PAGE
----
Some more recent Digitrax command stations will refuse to accept switch commands when track power is turned off. This can result in a "storm" of repeated switch messages on LocoNet if track power is off when switch messages are sent. This problem can be avoided by ensuring that track power is on when switch messages are to be sent.
When JMRI has multiple active connections to a single LocoNet, it may be necessary to
configure all but one of the active LocoNet connections for "Turnout Command Handling"
type of "Only One", with one active LocoNet connection configured for one of the other
"Turnout Command Handling" types. Failure to do this could cause the various JMRI LocoNet
connection instances to independently attempt to resolve any turnout messages which have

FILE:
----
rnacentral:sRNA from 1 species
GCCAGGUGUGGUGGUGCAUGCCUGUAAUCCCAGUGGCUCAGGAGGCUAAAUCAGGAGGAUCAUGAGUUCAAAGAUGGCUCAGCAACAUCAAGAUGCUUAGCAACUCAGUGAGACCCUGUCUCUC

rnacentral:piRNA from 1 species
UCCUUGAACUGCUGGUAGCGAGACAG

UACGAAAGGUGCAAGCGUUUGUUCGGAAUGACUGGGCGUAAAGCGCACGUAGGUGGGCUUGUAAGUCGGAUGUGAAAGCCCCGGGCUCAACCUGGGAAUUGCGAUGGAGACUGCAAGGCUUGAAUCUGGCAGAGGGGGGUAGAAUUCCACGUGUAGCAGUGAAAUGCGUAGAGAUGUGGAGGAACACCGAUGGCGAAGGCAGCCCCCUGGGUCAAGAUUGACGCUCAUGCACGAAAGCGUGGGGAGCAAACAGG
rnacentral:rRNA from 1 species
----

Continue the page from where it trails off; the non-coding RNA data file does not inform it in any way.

been rejected by the command station. This could result in a storm of turnout command
retries on LocoNet.
Similarly, when multiple JMRI instances are working with the same LocoNet, only one JMRI connection to the LocoNet should be configured for a "Turnout Command Handling" type other than "Only One". Failure to do this could cause the various JMRI LocoNet connection instances to independently attempt to resolve any turnout messages which have been rejected by the command station. This could result in a storm of turnout command retries on LocoNet.
JMRI supports a wide variety of LocoNet hardware and features. JMRI provides a wide variety of hardware-specific tools to assist in configuring the devices. And JMRI provides a number of tools to monitor the operation of LocoNet. Most of these features are described in the JMRI "Help" pages linked below (also refer to the sidebar).